AG: Trooper justified in shooting Lamoine man who was suspected of killing 2 relatives

Posted Jan. 04, 2013, at 12:09 p.m.
Last modified Jan. 04, 2013, at 6:29 p.m.
Leon Tilden
Maine State Police
Leon Tilden
The Tilden family home at 16 Bobolink Lane in Lamoine on in October 2012. Police say Leon Tilden, 27, killed his father and uncle outside the home early in the morning on Tuesday, Oct. 23, before Tilden was shot dead by police later that morning in an armed encounter.
The Tilden family home at 16 Bobolink Lane in Lamoine on in October 2012. Police say Leon Tilden, 27, killed his father and uncle outside the home early in the morning on Tuesday, Oct. 23, before Tilden was shot dead by police later that morning in an armed encounter.

LAMOINE, Maine — The attorney general has determined that a Maine State Police detective was justified in using deadly force when he confronted a Lamoine man suspected of killing two people, according to a statement released Friday.

Detective Randall Keaten shot and killed Leon Tilden, 27, during an armed confrontation at the Tilden family residence off Mud Creek Road on Oct. 23, 2012. Tilden was suspected of having shot and killed his father, Robert Tilden, 50, and uncle, Russell Pinkham, 49, that morning on the Bobolink Lane property.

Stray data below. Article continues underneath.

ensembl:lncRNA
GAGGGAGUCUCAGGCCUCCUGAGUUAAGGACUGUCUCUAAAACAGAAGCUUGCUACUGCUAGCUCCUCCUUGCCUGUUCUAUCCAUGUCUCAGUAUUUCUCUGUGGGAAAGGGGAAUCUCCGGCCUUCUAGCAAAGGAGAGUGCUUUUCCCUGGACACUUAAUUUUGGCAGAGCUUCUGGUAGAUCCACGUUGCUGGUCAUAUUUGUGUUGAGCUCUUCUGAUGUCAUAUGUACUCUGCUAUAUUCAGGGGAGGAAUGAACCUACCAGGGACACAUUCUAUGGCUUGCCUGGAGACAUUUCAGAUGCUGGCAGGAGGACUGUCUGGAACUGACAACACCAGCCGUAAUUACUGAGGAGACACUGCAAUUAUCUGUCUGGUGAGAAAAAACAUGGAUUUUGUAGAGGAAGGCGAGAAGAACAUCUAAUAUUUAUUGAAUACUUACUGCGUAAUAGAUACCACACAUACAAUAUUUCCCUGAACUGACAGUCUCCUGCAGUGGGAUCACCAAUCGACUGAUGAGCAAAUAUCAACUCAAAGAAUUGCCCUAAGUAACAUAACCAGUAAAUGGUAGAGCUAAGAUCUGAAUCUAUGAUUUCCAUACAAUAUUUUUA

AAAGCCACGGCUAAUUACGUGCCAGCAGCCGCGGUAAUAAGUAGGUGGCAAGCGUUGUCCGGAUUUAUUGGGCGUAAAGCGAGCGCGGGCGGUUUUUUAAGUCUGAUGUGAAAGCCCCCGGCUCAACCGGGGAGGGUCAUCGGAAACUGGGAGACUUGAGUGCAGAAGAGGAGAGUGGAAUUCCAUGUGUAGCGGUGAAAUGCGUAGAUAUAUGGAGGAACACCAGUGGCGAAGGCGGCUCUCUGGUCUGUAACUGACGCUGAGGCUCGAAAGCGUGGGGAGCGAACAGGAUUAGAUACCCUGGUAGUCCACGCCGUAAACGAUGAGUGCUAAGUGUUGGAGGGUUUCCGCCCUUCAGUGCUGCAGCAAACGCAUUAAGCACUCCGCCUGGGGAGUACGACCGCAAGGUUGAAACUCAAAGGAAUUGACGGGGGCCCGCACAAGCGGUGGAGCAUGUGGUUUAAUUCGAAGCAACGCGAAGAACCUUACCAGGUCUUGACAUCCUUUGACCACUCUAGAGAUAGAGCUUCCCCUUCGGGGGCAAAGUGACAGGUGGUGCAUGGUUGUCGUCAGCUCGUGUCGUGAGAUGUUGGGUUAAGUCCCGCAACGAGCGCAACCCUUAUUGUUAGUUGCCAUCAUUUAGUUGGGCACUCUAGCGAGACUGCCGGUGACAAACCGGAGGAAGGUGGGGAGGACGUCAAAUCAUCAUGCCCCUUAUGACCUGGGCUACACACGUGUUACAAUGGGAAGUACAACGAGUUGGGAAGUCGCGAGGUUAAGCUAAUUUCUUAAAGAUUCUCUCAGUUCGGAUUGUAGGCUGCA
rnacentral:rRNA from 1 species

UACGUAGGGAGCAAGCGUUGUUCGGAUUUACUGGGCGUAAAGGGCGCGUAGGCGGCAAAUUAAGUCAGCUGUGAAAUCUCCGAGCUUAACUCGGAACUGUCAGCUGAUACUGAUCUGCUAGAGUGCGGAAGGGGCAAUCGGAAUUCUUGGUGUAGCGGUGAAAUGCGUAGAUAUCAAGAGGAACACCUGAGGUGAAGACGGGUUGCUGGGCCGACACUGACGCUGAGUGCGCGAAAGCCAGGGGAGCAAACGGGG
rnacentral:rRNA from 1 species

According to the report, Tilden first shot and killed his father outside the Tilden home and then, when confronted by his uncle, shot and killed him as well. Tilden’s mother, Lori Tilden, was inside the home and called police to report the shootings. The report indicated she told police her son had driven off in Robert Tilden’s pickup truck.

When a Hancock County Sheriff’s deputy arrived a few minutes later, he saw the bodies of Robert Tilden and Russell Pinkham outside the home, according to the AG report. Robert Tilden’s truck was parked nearby at Pinkham’s residence, also on Bobolink Lane.

Keaten was part of a Maine State Police Tactical Team called to the scene to try to apprehend Leon Tilden, who was believed to be on the property.

“As members of the tactical team took up positions, they received reports that Mr. Tilden was possibly in possession of several firearms, including a 30.06 rifle, a 30.30 rifle, a .410 shotgun, a 20-gauge shotgun, and a .22-caliber pistol,” state officials wrote in Friday’s statement. “Tactical team members were also aware of reports that Mr. Tilden had expressed a desire at some point in the past to engage in a shootout with the police.”

The report added that state police were told that Tilden had been arrested in the past for assault and terrorizing, and that he had been arguing with family members during the previous days about his discharging firearms at night near the Tilden and Pinkham residences.

Keaten encountered Tilden after Tilden came out of Russell Pinkham’s home, according to the attorney general’s report. Tilden was running along a trail on the property toward other tactical team members and carrying a shotgun when Keaten saw him, the report indicated.